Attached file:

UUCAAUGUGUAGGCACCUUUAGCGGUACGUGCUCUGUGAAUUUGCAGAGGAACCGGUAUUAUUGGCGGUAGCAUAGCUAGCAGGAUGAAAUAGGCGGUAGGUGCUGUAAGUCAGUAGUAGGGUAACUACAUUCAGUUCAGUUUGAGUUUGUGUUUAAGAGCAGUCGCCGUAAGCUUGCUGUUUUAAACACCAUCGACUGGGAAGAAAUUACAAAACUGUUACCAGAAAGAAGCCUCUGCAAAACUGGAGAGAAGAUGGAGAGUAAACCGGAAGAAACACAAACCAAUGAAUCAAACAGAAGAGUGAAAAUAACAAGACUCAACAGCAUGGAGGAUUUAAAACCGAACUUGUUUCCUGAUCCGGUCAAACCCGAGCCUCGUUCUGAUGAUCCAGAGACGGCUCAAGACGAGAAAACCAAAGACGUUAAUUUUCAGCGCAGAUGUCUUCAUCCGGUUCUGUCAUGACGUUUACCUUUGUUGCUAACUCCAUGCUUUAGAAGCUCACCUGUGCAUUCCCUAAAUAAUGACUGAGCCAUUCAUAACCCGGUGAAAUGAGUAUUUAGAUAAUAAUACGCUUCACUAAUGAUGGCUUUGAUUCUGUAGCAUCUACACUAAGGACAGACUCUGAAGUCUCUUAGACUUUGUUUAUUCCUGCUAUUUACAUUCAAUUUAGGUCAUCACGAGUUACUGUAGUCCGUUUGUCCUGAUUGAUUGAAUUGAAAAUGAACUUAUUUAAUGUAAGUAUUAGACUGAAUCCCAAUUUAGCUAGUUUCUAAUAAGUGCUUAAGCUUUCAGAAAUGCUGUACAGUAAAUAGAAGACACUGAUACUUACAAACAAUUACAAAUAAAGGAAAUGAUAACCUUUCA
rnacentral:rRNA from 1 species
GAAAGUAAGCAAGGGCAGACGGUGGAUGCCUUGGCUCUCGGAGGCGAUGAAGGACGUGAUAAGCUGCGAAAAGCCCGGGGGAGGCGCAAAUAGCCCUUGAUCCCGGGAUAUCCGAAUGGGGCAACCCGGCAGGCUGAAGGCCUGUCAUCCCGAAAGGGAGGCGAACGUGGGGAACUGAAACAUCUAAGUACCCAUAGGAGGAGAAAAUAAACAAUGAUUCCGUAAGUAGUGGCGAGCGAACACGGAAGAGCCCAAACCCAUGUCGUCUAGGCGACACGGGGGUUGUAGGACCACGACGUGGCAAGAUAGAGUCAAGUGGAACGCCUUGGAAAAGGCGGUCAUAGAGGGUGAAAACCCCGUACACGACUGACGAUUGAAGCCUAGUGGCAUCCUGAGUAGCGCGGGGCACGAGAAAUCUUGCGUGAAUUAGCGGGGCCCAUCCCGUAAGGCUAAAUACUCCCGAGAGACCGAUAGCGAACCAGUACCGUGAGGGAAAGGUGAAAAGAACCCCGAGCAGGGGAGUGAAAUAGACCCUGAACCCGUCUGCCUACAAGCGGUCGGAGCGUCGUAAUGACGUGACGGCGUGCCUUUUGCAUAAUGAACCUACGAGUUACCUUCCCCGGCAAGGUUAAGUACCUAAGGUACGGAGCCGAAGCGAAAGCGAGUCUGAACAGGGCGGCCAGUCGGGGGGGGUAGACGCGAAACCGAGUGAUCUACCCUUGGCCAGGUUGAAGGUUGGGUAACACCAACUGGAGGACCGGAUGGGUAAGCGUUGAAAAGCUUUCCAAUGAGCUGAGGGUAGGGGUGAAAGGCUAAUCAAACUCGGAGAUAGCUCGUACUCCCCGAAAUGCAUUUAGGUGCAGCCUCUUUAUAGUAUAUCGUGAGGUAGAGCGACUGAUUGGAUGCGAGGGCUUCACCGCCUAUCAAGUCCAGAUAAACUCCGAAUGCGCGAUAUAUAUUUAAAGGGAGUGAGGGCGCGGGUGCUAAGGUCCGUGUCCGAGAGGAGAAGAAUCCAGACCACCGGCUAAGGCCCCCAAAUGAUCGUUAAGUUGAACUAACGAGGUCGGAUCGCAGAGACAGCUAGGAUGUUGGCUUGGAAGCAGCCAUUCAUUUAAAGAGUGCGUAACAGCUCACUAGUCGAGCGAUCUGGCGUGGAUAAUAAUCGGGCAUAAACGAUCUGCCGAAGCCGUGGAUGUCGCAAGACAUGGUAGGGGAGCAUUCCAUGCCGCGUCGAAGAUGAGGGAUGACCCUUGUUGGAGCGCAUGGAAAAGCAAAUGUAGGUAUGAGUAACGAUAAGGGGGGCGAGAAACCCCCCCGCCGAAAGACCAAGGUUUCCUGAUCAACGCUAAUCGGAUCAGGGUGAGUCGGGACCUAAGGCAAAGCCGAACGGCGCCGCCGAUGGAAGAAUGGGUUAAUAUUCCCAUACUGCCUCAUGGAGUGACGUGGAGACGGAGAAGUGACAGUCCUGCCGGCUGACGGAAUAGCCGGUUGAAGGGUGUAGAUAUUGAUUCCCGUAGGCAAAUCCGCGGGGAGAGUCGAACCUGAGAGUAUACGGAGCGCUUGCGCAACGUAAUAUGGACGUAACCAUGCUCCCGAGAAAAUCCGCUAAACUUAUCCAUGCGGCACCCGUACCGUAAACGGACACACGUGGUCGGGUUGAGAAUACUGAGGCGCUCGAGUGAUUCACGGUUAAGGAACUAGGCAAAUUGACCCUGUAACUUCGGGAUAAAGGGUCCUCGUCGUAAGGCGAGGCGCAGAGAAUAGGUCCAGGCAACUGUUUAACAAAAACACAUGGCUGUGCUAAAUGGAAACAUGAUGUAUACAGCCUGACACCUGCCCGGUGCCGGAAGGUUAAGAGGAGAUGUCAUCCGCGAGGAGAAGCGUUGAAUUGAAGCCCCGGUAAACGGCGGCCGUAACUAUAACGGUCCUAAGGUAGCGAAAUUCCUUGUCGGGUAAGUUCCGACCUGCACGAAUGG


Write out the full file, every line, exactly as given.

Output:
UUCAAUGUGUAGGCACCUUUAGCGGUACGUGCUCUGUGAAUUUGCAGAGGAACCGGUAUUAUUGGCGGUAGCAUAGCUAGCAGGAUGAAAUAGGCGGUAGGUGCUGUAAGUCAGUAGUAGGGUAACUACAUUCAGUUCAGUUUGAGUUUGUGUUUAAGAGCAGUCGCCGUAAGCUUGCUGUUUUAAACACCAUCGACUGGGAAGAAAUUACAAAACUGUUACCAGAAAGAAGCCUCUGCAAAACUGGAGAGAAGAUGGAGAGUAAACCGGAAGAAACACAAACCAAUGAAUCAAACAGAAGAGUGAAAAUAACAAGACUCAACAGCAUGGAGGAUUUAAAACCGAACUUGUUUCCUGAUCCGGUCAAACCCGAGCCUCGUUCUGAUGAUCCAGAGACGGCUCAAGACGAGAAAACCAAAGACGUUAAUUUUCAGCGCAGAUGUCUUCAUCCGGUUCUGUCAUGACGUUUACCUUUGUUGCUAACUCCAUGCUUUAGAAGCUCACCUGUGCAUUCCCUAAAUAAUGACUGAGCCAUUCAUAACCCGGUGAAAUGAGUAUUUAGAUAAUAAUACGCUUCACUAAUGAUGGCUUUGAUUCUGUAGCAUCUACACUAAGGACAGACUCUGAAGUCUCUUAGACUUUGUUUAUUCCUGCUAUUUACAUUCAAUUUAGGUCAUCACGAGUUACUGUAGUCCGUUUGUCCUGAUUGAUUGAAUUGAAAAUGAACUUAUUUAAUGUAAGUAUUAGACUGAAUCCCAAUUUAGCUAGUUUCUAAUAAGUGCUUAAGCUUUCAGAAAUGCUGUACAGUAAAUAGAAGACACUGAUACUUACAAACAAUUACAAAUAAAGGAAAUGAUAACCUUUCA
rnacentral:rRNA from 1 species
GAAAGUAAGCAAGGGCAGACGGUGGAUGCCUUGGCUCUCGGAGGCGAUGAAGGACGUGAUAAGCUGCGAAAAGCCCGGGGGAGGCGCAAAUAGCCCUUGAUCCCGGGAUAUCCGAAUGGGGCAACCCGGCAGGCUGAAGGCCUGUCAUCCCGAAAGGGAGGCGAACGUGGGGAACUGAAACAUCUAAGUACCCAUAGGAGGAGAAAAUAAACAAUGAUUCCGUAAGUAGUGGCGAGCGAACACGGAAGAGCCCAAACCCAUGUCGUCUAGGCGACACGGGGGUUGUAGGACCACGACGUGGCAAGAUAGAGUCAAGUGGAACGCCUUGGAAAAGGCGGUCAUAGAGGGUGAAAACCCCGUACACGACUGACGAUUGAAGCCUAGUGGCAUCCUGAGUAGCGCGGGGCACGAGAAAUCUUGCGUGAAUUAGCGGGGCCCAUCCCGUAAGGCUAAAUACUCCCGAGAGACCGAUAGCGAACCAGUACCGUGAGGGAAAGGUGAAAAGAACCCCGAGCAGGGGAGUGAAAUAGACCCUGAACCCGUCUGCCUACAAGCGGUCGGAGCGUCGUAAUGACGUGACGGCGUGCCUUUUGCAUAAUGAACCUACGAGUUACCUUCCCCGGCAAGGUUAAGUACCUAAGGUACGGAGCCGAAGCGAAAGCGAGUCUGAACAGGGCGGCCAGUCGGGGGGGGUAGACGCGAAACCGAGUGAUCUACCCUUGGCCAGGUUGAAGGUUGGGUAACACCAACUGGAGGACCGGAUGGGUAAGCGUUGAAAAGCUUUCCAAUGAGCUGAGGGUAGGGGUGAAAGGCUAAUCAAACUCGGAGAUAGCUCGUACUCCCCGAAAUGCAUUUAGGUGCAGCCUCUUUAUAGUAUAUCGUGAGGUAGAGCGACUGAUUGGAUGCGAGGGCUUCACCGCCUAUCAAGUCCAGAUAAACUCCGAAUGCGCGAUAUAUAUUUAAAGGGAGUGAGGGCGCGGGUGCUAAGGUCCGUGUCCGAGAGGAGAAGAAUCCAGACCACCGGCUAAGGCCCCCAAAUGAUCGUUAAGUUGAACUAACGAGGUCGGAUCGCAGAGACAGCUAGGAUGUUGGCUUGGAAGCAGCCAUUCAUUUAAAGAGUGCGUAACAGCUCACUAGUCGAGCGAUCUGGCGUGGAUAAUAAUCGGGCAUAAACGAUCUGCCGAAGCCGUGGAUGUCGCAAGACAUGGUAGGGGAGCAUUCCAUGCCGCGUCGAAGAUGAGGGAUGACCCUUGUUGGAGCGCAUGGAAAAGCAAAUGUAGGUAUGAGUAACGAUAAGGGGGGCGAGAAACCCCCCCGCCGAAAGACCAAGGUUUCCUGAUCAACGCUAAUCGGAUCAGGGUGAGUCGGGACCUAAGGCAAAGCCGAACGGCGCCGCCGAUGGAAGAAUGGGUUAAUAUUCCCAUACUGCCUCAUGGAGUGACGUGGAGACGGAGAAGUGACAGUCCUGCCGGCUGACGGAAUAGCCGGUUGAAGGGUGUAGAUAUUGAUUCCCGUAGGCAAAUCCGCGGGGAGAGUCGAACCUGAGAGUAUACGGAGCGCUUGCGCAACGUAAUAUGGACGUAACCAUGCUCCCGAGAAAAUCCGCUAAACUUAUCCAUGCGGCACCCGUACCGUAAACGGACACACGUGGUCGGGUUGAGAAUACUGAGGCGCUCGAGUGAUUCACGGUUAAGGAACUAGGCAAAUUGACCCUGUAACUUCGGGAUAAAGGGUCCUCGUCGUAAGGCGAGGCGCAGAGAAUAGGUCCAGGCAACUGUUUAACAAAAACACAUGGCUGUGCUAAAUGGAAACAUGAUGUAUACAGCCUGACACCUGCCCGGUGCCGGAAGGUUAAGAGGAGAUGUCAUCCGCGAGGAGAAGCGUUGAAUUGAAGCCCCGGUAAACGGCGGCCGUAACUAUAACGGUCCUAAGGUAGCGAAAUUCCUUGUCGGGUAAGUUCCGACCUGCACGAAUGG